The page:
When God Lost Her Tongue
Historical Consciousness and the Black Feminist Imagination
- Available for pre-order. Item will ship after September 24, 2021
When God Lost Her Tongue seeks to explore historical consciousness as captured through the Black feminist imagination that re-centers the perspectives of Black women in the African Diaspora, and revisits how Black women’s transatlantic histories are re-imagined and politicized in our contemporary moment.
Connecting select historical case studies – from the Caribbean and Latin America, the African continent, North America, and Europe – while also examining the retelling of these histories in the work of present-day writers and artists, Janell Hobson utilizes a Black feminist lens to rescue the narratives of African-descended women, which have either been marginalized, erased, forgotten, and/or mis-remembered. They are often invoked, but sometimes we forget their names. African goddesses crossing the Atlantic with captive Africans. Women leaders igniting the Haitian revolution. Unnamed Black women in European paintings. African women on different sides of the "door of no return" during the era of the transatlantic slave trade. Even ubiquitous "Black queens" heralded and signified in a Beyoncé music video or a Janelle Monáe lyric. And then there are those whose names we will never forget, like the iconic Harriet Tubman.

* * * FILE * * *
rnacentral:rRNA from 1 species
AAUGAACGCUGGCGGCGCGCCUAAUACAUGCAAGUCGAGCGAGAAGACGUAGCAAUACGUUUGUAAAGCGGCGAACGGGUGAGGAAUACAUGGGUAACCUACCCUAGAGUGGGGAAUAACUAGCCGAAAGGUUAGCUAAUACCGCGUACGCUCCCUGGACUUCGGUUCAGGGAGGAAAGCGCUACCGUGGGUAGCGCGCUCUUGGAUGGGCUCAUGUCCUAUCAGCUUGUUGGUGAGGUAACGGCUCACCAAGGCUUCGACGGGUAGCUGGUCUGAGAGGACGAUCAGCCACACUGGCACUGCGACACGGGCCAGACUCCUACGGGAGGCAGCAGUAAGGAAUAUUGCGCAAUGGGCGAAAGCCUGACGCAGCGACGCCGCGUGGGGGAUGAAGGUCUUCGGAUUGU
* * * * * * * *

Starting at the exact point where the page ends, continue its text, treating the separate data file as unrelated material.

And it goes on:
This critical interdisciplinary intervention will be key reading for students and researchers studying African American Women, Black Feminisms, Feminist Methodologies, Africana Studies, Women and Gender Studies.
Table of Contents
A Meditation on Black Feminist Divinity
Reframing Portraits of Black Womanhood
Revolving Doors of No Return
Cultural Currency and the Value of Harriet Tubman
To Play the Queen, To Embody the Goddess
Janell Hobson is Professor and Chair of Women’s, Gender, and Sexuality Studies at the University at Albany, State University of New York, USA.
"From Harriet Tubman to Beyoncé, this is a book for anyone interested in the politics of Black female representation across the arts. In accessible language and through cogent analysis, Janell Hobson’s When God Lost Her Tongue: Historical Consciousness and the Black Feminist Imagination explores African Diasporic women’s lives as represented by others and by themselves through paintings, film, novels, music and poetry, to vivify what it means, and has always meant, to be Black and female under colonial eyes. The result is a text as freeing as it is edifying for Black women of yesteryear as of today."
Myriam J. A. Chancy, HBA Chair in the Humanities, Scripps College, Author of Autochthonomies: Transnationalism, Testimony and Transmission in the African Diaspora.